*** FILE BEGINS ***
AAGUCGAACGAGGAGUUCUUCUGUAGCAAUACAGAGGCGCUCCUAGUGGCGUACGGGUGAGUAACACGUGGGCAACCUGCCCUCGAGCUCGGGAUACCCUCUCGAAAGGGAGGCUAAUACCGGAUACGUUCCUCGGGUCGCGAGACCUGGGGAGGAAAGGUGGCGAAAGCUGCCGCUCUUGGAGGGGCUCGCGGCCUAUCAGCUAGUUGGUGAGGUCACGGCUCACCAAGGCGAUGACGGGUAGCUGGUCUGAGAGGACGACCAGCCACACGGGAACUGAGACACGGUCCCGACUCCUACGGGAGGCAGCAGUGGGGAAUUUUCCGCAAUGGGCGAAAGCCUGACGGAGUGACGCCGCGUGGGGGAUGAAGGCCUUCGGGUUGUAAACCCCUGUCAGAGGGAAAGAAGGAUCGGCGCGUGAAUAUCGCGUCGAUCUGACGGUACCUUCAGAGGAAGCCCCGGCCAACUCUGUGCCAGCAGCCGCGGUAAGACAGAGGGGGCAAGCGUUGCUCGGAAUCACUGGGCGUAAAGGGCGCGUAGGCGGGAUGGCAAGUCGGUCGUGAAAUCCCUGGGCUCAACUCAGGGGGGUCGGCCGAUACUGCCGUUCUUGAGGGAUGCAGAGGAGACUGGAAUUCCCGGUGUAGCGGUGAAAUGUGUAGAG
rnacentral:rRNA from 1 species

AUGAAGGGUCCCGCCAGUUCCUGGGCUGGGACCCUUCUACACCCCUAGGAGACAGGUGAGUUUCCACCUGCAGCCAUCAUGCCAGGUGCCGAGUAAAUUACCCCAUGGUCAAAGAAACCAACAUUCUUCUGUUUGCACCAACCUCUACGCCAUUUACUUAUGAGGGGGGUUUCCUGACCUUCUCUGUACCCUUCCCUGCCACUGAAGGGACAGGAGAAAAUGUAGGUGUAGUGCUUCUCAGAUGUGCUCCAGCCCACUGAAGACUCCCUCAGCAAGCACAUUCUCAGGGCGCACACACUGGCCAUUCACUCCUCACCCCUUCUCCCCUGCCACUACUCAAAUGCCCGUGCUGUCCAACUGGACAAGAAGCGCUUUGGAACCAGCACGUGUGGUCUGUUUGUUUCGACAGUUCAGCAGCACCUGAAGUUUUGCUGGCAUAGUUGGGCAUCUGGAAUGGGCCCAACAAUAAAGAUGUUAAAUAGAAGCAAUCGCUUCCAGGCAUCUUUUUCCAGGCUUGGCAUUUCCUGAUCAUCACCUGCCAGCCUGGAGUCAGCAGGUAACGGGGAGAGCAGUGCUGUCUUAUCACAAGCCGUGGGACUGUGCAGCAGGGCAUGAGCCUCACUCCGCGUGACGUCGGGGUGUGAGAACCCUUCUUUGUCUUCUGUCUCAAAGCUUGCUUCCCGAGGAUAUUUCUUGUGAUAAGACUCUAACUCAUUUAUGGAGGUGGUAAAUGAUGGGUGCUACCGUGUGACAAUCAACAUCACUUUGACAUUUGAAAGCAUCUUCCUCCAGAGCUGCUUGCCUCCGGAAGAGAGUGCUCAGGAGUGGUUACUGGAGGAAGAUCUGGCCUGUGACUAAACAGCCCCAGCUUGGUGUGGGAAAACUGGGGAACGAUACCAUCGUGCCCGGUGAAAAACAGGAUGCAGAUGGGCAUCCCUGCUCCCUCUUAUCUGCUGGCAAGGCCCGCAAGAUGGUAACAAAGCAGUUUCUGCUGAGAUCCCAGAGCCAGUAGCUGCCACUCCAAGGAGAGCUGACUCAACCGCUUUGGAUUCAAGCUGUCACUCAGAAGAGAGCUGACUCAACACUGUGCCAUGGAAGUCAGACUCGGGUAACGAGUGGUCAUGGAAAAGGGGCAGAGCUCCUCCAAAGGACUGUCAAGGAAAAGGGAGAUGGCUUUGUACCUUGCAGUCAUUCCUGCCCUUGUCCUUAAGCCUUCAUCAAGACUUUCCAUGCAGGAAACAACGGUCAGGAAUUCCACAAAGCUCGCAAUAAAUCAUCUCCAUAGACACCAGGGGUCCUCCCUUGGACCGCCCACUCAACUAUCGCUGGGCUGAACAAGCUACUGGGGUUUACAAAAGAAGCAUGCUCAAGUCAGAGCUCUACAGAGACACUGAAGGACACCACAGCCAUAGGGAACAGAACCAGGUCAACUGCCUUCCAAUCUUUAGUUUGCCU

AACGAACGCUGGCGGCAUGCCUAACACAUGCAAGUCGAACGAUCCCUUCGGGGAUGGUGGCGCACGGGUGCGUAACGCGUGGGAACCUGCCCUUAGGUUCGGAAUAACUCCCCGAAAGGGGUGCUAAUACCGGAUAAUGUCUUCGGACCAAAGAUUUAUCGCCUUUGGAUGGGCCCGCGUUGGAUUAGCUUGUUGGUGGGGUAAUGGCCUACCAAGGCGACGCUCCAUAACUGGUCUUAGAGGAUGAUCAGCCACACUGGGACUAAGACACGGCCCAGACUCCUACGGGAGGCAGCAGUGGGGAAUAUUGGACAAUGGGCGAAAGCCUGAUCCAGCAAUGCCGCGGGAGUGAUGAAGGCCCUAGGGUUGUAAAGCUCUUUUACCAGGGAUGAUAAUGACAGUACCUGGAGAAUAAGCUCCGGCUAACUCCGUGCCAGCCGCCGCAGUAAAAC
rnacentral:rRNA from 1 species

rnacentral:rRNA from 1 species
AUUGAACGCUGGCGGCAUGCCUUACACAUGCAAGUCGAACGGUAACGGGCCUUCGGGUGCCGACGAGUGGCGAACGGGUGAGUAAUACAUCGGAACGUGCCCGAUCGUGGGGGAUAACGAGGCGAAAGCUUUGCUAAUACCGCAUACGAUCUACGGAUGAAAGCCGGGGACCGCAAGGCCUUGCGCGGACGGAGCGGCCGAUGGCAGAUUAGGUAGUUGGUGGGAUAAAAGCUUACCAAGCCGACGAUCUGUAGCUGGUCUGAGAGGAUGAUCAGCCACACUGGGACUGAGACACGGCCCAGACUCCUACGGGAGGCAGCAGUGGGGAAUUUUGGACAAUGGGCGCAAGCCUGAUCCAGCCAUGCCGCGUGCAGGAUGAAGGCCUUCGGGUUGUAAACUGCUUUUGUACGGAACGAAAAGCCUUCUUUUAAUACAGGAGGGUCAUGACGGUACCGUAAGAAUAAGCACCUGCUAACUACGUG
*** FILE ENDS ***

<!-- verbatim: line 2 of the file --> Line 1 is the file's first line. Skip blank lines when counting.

rnacentral:rRNA from 1 species